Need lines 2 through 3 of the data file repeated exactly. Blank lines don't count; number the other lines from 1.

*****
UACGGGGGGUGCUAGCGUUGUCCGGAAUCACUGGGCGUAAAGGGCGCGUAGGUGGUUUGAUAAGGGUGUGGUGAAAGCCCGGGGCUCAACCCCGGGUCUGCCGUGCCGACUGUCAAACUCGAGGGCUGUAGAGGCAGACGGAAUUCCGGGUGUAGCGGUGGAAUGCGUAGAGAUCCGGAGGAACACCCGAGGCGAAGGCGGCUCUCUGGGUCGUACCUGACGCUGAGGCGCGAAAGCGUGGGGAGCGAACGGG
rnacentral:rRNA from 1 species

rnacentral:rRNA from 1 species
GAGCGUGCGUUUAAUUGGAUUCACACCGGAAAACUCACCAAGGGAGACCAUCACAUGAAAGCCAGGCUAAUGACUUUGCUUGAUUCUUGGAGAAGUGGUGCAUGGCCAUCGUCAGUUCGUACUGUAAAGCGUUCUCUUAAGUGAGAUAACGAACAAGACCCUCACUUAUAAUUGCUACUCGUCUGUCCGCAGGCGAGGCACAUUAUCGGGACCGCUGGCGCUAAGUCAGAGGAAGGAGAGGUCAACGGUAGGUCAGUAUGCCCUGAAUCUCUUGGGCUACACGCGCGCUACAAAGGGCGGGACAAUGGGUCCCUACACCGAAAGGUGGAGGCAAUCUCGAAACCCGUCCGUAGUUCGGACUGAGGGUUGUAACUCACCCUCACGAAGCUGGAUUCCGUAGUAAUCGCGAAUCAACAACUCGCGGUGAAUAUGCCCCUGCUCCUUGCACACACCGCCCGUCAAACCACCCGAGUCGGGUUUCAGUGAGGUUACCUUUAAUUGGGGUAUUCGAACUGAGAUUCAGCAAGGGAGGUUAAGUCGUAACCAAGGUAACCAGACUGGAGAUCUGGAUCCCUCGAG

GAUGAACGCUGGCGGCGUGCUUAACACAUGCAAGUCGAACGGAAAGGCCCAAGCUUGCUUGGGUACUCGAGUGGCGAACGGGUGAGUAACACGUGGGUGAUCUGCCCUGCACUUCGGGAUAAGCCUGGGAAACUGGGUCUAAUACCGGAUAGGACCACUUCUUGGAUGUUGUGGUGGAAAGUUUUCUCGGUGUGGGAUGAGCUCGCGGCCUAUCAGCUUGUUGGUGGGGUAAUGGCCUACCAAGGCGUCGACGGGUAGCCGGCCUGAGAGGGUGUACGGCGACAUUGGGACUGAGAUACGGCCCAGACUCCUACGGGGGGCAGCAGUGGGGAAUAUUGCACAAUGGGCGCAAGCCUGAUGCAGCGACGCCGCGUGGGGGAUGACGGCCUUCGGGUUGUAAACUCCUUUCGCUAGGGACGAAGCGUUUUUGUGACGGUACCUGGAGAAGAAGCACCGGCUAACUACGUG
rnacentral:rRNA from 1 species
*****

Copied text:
rnacentral:rRNA from 1 species

rnacentral:rRNA from 1 species